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Putting victims first

Courtesy of the Council of Europe

The message from the EEA and Norway Grants conference on trafficking in human beings is clear: Protection of victims and securing their rights come first.

More than 200 experts from all over Europe gathered in Warsaw 26-27 November to take part in the conference which was co-organised between the Governments of Poland and Norway, Council of Europe and the International Organisation for Migration.

The statistics speak for themselves: Several hundred thousand women, men and children are victims of trafficking in Europe every year, and the number is rising.

According to a recent report from Eurostat, there has been 18 % increase in the number of trafficking victims within the EU from 2008 to 2010. Six out of ten victims are trafficked for sexual exploitation, while one out of four are trafficked for forced labour:

  • 68% of victims are women
  • 17% men
  • 15% children

Human trafficking is among the worst forms of human rights abuse, destroying the lives of the world’s most vulnerable people. The victims often suffer physical, emotional and psychological abuse and mistreatment.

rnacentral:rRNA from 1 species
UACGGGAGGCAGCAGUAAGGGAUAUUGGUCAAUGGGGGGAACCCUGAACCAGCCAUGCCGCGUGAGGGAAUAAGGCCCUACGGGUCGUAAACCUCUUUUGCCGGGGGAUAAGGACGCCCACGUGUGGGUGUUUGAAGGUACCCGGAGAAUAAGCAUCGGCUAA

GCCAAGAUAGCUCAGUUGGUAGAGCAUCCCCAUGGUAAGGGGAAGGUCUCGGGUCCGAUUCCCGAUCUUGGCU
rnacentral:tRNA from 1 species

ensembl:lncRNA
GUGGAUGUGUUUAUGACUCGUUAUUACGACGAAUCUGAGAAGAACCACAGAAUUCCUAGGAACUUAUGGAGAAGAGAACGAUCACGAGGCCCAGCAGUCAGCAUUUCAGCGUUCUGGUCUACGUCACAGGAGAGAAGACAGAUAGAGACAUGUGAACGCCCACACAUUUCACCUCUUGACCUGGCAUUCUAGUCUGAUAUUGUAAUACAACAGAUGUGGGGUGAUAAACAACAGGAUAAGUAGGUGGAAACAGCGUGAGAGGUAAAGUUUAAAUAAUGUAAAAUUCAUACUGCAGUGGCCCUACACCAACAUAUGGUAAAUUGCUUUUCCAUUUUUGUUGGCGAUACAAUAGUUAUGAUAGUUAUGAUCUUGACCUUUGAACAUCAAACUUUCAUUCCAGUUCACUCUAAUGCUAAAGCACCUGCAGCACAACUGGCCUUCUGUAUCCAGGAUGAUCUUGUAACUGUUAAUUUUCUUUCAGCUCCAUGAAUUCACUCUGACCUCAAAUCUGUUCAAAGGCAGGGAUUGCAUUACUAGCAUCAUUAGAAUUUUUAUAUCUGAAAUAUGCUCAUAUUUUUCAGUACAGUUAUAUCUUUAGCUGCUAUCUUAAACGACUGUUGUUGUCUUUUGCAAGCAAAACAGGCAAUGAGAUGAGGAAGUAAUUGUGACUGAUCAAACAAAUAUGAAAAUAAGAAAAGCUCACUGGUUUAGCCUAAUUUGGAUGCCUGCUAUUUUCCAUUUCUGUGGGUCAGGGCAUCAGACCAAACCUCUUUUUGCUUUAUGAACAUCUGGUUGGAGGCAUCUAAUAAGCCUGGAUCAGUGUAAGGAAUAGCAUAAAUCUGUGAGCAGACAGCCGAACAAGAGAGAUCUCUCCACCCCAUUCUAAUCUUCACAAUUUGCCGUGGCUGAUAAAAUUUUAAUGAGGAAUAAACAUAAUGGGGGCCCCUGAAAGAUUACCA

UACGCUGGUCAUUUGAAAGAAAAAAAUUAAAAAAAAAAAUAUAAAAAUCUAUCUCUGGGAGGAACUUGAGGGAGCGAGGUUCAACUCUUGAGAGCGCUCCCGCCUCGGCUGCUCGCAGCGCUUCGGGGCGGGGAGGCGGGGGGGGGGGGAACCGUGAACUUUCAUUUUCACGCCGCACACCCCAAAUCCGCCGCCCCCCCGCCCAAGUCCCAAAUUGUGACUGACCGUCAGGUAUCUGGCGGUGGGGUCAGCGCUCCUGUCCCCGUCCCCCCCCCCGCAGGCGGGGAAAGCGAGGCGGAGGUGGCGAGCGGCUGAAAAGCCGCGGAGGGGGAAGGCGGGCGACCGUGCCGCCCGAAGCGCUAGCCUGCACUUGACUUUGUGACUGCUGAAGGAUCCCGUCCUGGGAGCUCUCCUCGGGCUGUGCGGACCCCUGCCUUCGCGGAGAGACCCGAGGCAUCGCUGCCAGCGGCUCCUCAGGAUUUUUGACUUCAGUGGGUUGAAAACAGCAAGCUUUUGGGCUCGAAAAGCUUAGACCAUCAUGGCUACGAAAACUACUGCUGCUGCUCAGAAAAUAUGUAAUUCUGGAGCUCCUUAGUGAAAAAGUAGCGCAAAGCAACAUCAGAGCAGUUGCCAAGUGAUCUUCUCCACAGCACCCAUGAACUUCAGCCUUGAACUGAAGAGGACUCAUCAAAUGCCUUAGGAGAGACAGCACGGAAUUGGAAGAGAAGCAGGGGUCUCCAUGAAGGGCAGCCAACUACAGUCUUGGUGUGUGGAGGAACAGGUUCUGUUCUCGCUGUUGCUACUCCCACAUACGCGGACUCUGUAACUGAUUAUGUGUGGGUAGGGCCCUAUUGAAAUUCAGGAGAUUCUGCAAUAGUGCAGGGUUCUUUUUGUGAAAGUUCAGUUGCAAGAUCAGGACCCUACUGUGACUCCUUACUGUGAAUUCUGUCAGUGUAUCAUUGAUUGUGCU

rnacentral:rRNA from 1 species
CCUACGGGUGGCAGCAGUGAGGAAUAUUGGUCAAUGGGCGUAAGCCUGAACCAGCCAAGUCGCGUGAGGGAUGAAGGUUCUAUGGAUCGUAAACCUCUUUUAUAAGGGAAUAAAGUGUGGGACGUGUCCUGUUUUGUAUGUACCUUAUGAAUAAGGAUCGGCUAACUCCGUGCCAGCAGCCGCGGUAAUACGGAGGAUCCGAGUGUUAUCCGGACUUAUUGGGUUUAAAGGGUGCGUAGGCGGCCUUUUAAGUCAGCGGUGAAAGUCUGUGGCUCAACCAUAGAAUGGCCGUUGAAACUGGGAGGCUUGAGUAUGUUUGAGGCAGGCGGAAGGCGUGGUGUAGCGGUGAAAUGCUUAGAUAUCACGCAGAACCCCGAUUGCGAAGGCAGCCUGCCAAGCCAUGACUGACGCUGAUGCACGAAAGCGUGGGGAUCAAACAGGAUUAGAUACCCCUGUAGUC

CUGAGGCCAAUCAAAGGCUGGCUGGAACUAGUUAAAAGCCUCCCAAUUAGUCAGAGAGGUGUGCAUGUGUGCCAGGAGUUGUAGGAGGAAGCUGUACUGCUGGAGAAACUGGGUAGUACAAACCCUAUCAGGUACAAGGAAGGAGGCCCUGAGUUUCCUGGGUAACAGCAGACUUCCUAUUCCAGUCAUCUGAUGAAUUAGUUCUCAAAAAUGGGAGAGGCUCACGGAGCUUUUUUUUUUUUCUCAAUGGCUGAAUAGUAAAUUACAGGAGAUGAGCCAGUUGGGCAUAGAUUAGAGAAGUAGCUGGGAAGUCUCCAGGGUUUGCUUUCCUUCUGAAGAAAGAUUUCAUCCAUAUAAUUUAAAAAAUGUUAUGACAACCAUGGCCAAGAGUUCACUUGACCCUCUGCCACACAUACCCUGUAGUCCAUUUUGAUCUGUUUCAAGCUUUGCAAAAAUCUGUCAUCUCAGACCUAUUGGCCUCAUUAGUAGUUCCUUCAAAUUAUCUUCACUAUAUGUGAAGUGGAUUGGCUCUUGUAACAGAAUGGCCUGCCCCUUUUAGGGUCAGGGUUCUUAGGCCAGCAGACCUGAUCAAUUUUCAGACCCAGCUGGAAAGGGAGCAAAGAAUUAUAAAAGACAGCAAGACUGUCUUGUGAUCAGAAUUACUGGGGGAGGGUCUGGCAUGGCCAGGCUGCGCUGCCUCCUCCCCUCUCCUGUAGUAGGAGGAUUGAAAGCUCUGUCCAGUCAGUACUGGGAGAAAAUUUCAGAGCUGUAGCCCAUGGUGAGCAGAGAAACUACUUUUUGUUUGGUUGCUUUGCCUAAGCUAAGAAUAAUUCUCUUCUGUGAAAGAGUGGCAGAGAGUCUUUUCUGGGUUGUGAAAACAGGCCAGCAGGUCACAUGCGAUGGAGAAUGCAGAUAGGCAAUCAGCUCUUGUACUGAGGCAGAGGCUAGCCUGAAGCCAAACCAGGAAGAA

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The participants at the conference agreed that better cooperation and coordination between and within countries are needed to effectively protect victims and secure their rights. The business sector was also urged to be more engaged in combatting labour exploitation. The participants also agreed that each country should have a network of shelters where victims can seek protection, and also take into account that more and more victims are men and children.

The aim of the conference was to share experiences and clarify the content of the obligation to protect victims as set out in the Council of Europe’s Convention on Action against Trafficking in Human Beings.

Through the EEA and Norway Grants the Norwegian government supports several different initiatives and projects to combat trafficking in ten European countries: Bulgaria, the Czech Republic, Estonia, Hungary, Latvia, Lithuania, Poland, Portugal, Romania and Slovakia.

The activities include the funding of shelters, information campaigns and reinforcement of the investigative capacity of the police to tackle trafficking in human beings.

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